Delia Venables, in her portal for UK legal resources, reports on The Oxford Standard Citation of Legal Authorities, OSCOLA for short, the nearest equivalent in the UK to the U.S. Blue Book (or ALWD, I might add – see earlier entry).
It was produced by the Oxford Law Faculty in consultation with leading academic law publishers and serves as the style guide for the Oxford University Commonwealth Law Journal, as well as for theses written in the Law Faculty.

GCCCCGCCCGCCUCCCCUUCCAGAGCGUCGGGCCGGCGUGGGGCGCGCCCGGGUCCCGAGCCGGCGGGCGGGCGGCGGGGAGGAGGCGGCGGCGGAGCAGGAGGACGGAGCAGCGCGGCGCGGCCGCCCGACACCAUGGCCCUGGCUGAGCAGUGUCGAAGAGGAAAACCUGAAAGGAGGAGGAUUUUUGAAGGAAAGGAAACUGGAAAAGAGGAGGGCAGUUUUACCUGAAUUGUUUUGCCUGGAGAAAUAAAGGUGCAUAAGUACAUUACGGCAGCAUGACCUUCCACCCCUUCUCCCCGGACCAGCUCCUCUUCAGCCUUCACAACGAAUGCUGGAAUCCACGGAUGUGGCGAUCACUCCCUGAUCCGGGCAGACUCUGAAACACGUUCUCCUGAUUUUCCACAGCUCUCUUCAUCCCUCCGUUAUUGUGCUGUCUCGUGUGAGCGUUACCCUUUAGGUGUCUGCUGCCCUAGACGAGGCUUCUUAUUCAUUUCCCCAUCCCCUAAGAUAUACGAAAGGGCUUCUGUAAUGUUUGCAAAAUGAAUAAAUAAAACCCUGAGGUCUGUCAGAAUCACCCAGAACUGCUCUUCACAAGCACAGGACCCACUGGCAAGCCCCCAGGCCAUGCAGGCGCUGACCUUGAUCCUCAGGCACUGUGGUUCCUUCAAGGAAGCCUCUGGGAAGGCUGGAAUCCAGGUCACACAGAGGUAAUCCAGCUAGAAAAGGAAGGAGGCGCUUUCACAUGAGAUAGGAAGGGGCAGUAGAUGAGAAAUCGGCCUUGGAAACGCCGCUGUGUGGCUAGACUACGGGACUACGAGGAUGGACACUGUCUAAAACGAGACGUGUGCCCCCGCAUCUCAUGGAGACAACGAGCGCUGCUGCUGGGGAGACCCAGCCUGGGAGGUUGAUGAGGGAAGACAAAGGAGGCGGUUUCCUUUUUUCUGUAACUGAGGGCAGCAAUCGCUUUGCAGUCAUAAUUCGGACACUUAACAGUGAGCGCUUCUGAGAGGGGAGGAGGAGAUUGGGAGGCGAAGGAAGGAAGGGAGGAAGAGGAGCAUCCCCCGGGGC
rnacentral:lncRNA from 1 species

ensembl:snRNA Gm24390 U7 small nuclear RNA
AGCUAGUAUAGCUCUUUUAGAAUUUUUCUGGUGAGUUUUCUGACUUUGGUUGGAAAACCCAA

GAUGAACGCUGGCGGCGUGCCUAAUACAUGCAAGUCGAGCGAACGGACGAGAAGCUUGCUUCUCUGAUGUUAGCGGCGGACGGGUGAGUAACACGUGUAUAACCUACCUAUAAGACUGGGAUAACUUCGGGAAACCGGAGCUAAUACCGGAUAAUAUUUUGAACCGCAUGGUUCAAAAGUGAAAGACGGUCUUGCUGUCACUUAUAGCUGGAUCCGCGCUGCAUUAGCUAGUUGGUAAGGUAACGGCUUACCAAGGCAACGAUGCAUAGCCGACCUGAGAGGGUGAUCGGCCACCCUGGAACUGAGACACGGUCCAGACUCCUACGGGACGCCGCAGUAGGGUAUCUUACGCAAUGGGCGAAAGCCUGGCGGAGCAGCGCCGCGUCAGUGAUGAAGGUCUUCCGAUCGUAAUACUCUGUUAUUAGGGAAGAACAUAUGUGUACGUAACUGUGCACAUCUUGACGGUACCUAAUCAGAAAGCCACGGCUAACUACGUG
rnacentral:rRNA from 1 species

There is a big OSCOLA and a small OSCOLA, both PDF files, 103 pages and 32 pages in length respectively.
Like everything else, these are house style guides. In particular, many British people don’t like to spell using -ize rather than -ise (but I do), as is the Oxford University Press standard. That’s a peripheral issue, however. Here is a quote from the big OSCOLA:
1 Pinpoint References in Statutes
Rules: Abbreviations are only to be used in footnotes. They adopt the
There are no full stops after abbreviations.
Harvard Law School has a good summary of books on this topic.